• Values of measurement of end tidal CO2 :

   üConfirm endotracheal intubation.

   üAdjust ventilatory setting, and confirm its adequacy.

   üDetect complications like disconnections, ETT kinking,
   accidental extubation, air embolism and malignant
   hyperthermia.
ØNeuromuscular monitoring
• Whenever a muscle relaxant is used, neuromuscular
transmission should be monitored; best by assessing the
train of four.


• The infant sized ECG electrodes are the best electrodes used
to deliver the impulses, and the best location for these
electrodes is over the ulnar nerve with observation of the
thumb. (1)
ØDisconnection/apnea alarms
• Whenever a ventilator is used, a disconnection alarm
should be used especially in the absence of capnography.
These alarms sense time cycling of pressure events



• They may not be sensitive enough to detect extubations
with small endotracheal tubes or partial circuit
disconnections because of the continued presence of flow
resistance
ØApnea monitors
• These are very helpful in the perioperative, and recovery room
period; especially in premature infants with less than 60 weeks
postconceptual age, infants with history of apnea spells



• These monitors depend on transthoracic impedance or
respiratory motion.
ØInspiratory pressure gauge
• In patients requiring mechanical ventilation, especially the
pediatric age group, a pressure gauge applied at the airway
allows delivery of precise pressures and help to prevent
barotrauma. (1)

• The closer the measurement site to the airway, the more
accurate the pressure measured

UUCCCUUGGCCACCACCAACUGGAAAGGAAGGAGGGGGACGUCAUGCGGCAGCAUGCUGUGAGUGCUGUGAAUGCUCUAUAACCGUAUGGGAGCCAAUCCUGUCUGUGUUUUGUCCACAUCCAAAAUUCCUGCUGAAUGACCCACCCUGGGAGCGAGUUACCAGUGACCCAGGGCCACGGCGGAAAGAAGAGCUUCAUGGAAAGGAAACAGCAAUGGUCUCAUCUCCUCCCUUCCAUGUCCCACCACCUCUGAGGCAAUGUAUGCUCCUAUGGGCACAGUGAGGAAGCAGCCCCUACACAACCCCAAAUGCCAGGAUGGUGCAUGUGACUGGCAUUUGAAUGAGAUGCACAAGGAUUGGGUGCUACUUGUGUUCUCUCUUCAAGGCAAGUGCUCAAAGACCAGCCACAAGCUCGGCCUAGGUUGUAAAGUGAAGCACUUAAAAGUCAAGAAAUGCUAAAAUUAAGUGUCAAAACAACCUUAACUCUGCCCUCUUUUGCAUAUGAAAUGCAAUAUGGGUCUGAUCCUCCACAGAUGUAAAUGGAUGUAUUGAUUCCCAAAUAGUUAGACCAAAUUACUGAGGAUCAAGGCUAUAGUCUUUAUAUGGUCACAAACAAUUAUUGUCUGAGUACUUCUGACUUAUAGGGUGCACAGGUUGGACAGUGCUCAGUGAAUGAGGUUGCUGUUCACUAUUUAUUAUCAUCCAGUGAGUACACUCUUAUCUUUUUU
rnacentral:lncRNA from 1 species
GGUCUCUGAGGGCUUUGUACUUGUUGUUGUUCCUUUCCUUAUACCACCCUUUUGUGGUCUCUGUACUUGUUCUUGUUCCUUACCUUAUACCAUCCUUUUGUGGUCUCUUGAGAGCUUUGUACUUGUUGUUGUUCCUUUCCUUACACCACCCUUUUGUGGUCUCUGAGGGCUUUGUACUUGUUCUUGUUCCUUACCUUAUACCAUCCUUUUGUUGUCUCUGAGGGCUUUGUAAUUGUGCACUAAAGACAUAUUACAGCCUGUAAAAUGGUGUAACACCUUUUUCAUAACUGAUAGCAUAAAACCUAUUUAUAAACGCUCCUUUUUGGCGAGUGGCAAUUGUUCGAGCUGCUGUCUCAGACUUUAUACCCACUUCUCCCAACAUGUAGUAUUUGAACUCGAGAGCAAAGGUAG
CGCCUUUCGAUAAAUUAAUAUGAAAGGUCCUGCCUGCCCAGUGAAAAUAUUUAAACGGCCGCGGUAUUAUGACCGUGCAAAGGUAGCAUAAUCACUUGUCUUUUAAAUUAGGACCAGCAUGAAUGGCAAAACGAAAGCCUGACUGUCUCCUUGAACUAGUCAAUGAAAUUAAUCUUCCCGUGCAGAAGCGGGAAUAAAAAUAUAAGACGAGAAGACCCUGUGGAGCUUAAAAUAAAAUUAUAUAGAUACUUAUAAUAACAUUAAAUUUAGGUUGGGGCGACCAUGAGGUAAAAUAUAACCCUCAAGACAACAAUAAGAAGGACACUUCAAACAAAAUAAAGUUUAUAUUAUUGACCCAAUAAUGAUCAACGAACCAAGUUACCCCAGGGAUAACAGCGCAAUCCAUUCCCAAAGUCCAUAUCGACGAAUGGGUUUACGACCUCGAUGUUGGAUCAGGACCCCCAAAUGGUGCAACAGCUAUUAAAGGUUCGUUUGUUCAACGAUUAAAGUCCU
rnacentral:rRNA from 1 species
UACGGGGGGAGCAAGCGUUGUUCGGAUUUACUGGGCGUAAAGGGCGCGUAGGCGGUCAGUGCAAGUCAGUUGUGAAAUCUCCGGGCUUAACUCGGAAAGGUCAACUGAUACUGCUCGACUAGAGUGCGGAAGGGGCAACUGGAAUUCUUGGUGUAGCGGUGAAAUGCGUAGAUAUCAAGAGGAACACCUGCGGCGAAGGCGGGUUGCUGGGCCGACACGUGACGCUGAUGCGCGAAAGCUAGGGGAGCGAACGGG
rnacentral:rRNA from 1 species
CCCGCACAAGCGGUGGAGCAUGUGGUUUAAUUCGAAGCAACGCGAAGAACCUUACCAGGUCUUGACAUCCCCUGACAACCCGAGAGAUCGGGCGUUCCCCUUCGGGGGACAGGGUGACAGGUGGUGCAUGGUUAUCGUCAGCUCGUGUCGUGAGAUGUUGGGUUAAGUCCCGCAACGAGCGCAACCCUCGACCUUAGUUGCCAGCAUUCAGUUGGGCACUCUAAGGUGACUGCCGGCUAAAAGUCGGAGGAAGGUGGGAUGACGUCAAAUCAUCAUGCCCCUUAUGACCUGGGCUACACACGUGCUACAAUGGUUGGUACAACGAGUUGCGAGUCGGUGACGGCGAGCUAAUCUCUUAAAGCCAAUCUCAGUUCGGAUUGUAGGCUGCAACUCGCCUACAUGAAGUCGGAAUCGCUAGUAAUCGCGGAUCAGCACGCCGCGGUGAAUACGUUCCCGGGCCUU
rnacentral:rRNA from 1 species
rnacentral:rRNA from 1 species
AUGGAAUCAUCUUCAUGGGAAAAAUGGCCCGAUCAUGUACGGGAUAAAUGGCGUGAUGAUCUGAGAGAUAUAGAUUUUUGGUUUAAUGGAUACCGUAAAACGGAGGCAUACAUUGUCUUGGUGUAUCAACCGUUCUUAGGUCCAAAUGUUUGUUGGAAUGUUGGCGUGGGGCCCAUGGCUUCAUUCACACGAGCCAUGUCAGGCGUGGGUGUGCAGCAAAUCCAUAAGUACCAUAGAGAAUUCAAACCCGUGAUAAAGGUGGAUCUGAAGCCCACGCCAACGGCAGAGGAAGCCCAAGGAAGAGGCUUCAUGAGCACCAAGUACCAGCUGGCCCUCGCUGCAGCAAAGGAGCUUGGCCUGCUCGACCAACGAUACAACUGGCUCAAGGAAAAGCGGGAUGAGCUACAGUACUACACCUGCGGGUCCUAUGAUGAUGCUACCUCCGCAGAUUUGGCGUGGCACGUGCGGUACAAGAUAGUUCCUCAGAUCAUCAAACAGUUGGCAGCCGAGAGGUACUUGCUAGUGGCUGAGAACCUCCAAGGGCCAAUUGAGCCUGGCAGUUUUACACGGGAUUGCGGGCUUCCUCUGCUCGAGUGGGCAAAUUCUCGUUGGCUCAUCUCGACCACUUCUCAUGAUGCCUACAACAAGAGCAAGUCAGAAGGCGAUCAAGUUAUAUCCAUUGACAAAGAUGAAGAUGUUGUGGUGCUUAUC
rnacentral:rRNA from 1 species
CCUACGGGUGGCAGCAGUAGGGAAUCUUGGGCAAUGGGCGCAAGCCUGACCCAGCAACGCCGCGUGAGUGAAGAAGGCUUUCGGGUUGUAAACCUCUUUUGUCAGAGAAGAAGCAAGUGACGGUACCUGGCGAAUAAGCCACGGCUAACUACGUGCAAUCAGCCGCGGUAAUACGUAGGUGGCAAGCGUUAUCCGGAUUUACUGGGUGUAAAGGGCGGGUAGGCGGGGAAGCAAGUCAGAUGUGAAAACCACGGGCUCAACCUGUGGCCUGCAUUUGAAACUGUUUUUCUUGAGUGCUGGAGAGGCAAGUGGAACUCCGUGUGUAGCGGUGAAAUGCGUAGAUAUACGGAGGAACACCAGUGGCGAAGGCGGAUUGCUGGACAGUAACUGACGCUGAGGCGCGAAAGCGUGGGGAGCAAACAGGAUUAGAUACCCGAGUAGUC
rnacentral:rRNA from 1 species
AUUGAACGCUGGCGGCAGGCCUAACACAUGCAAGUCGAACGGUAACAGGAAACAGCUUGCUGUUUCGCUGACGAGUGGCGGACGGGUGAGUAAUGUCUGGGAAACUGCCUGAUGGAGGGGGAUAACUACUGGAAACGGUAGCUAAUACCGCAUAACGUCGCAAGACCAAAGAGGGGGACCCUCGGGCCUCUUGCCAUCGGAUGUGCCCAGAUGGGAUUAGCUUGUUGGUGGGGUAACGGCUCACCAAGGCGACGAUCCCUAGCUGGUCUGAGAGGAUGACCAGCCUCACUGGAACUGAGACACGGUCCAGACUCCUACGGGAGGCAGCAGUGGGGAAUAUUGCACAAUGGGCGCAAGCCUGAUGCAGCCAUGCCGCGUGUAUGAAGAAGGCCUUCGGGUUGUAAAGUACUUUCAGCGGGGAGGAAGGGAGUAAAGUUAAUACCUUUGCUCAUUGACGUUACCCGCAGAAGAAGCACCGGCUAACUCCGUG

ØBlood loss monitoring

• Blood loss estimation is best done by:

   üClose observation of the surgical field and the patient’s
   physiologic status.

   üThe use of a small volume tarp on the suction line before
   the main evacuation trap is arranged. (1)

   üWeighing surgical sponges making the approximation of 1
   gm of weight equivalent to 1 ml of blood.
Urine volume monitoring
• U.O.P. is valuable for:

   ü Indicator of volume and perfusion status.

   ü If hematuria develops, it would indicate surgical trauma
   to the urinary system, or transfusion reaction.

• The indications for urinary catheter insertion:
   ü Procedures with massive fluid shifts.

   ü Prolonged radiologic procedures with large doses of
   contrast material.

   üDiuretic therapy, and urinary reconstructive procedures.
Purchasing Anesthesia
    Equipment
ØUseful principals for any equipment purchase:-
   ü New equipment should be compatible and interface with
   the equipment that is already present.

   ü The new equipment should be usable in different
   locations (e.g. O.R. and ICU).

   üSales persons are biased, the reviews and info about a
   certain device or brand name should be obtained from
   unbiased sources, as research institute and boards.

   ü The proposed equipment should be tested in the same
   working environment and by the same personnel who will
   be using it.
ü The hospital safety office should check for all the safety
issues regarding the use of this equipment.

ü Spend as much on the maintenance as on the product.
Consider a maintenance contract.

ü If two products are comparable, choose the one with local
service facilities.

ü Consider the specific needs, for example if the monitor is
to be used for transport or outside the O.R. it must have
internal battery backup.

ü Though economically difficult, additional spare units of
the same equipment should be available, as any given piece
of equipment will occasionally be out of service.
Questions
Ø To warm a 12 years old hypothermic child the best would be:
      A) Water mattress.
      B) Warm fluids.
      C) Warm air blanket.
      D) Over head warmer.


ØConcerning pediatric airway, the following is true:
     A) Nasal airway is better than oral airway.
     B) Laryngeal airway has no role.
     C) Curved and straight laryngoscope blades can be used.
     D) Reinforced endotracheal tubes is a must.
ØConcerning mechanical ventilation in pediatrics,
the following is true:
        A) It is contraindicated in pediatrics.
        B) The tubing has to be wide to decrease resistance.
        C) It is more economic.
        D) No role for volume controlled mechanical ventilation



Ø the value obtained from a pulse oximeter is not affected by:
       A) Desaturation, less than 70%
       B) Nail polish.
       C) anemia.
       D) Bright O.R. light and patient movement.